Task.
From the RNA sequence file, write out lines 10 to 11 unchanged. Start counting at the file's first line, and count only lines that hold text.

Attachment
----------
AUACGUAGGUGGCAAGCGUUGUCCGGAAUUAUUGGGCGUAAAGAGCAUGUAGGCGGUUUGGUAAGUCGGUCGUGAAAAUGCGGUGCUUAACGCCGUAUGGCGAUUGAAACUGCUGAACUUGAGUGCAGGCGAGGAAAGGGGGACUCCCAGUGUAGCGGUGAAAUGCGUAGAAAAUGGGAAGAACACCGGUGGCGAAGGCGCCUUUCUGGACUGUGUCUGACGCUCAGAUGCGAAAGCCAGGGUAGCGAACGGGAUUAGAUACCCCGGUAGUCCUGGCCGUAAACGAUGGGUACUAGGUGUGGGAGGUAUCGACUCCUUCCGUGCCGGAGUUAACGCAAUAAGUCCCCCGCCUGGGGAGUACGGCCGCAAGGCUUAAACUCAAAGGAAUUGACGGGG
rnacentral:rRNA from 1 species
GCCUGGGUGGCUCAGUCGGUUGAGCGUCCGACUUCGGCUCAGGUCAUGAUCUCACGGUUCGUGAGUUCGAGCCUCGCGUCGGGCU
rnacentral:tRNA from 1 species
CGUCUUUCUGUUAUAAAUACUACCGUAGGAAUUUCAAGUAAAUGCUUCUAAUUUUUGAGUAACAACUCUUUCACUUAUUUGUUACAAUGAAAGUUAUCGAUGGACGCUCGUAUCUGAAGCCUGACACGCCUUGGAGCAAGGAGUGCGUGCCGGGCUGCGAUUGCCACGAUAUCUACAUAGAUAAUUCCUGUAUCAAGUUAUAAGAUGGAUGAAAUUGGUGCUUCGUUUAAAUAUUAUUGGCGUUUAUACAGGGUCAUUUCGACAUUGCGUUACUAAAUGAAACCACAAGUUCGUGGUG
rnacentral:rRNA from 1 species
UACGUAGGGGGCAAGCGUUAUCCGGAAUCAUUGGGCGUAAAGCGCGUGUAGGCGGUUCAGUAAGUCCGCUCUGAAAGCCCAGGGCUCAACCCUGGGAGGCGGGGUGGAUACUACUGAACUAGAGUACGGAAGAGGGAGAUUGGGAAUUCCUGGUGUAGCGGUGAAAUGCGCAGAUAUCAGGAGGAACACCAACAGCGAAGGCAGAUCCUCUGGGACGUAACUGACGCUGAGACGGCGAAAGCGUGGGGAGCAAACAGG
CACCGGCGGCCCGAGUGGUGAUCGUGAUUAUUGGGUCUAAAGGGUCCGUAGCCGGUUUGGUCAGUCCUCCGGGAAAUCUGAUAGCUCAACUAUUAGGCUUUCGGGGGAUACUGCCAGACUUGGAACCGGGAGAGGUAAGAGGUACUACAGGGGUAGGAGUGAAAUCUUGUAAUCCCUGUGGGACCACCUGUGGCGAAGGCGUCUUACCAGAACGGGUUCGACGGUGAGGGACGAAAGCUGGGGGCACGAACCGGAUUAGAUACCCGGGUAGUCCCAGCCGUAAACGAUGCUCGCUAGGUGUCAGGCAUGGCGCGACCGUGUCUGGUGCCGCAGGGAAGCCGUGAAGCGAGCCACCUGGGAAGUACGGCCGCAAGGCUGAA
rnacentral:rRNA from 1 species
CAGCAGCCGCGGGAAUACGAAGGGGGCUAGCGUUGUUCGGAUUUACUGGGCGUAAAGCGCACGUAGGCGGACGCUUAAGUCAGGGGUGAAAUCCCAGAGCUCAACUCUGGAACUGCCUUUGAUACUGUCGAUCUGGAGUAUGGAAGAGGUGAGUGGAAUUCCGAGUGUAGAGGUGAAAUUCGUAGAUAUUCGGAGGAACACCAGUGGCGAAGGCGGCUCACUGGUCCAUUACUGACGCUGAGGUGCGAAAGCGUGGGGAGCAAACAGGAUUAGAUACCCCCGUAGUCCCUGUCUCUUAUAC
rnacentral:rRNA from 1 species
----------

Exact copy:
CAGCAGCCGCGGGAAUACGAAGGGGGCUAGCGUUGUUCGGAUUUACUGGGCGUAAAGCGCACGUAGGCGGACGCUUAAGUCAGGGGUGAAAUCCCAGAGCUCAACUCUGGAACUGCCUUUGAUACUGUCGAUCUGGAGUAUGGAAGAGGUGAGUGGAAUUCCGAGUGUAGAGGUGAAAUUCGUAGAUAUUCGGAGGAACACCAGUGGCGAAGGCGGCUCACUGGUCCAUUACUGACGCUGAGGUGCGAAAGCGUGGGGAGCAAACAGGAUUAGAUACCCCCGUAGUCCCUGUCUCUUAUAC
rnacentral:rRNA from 1 species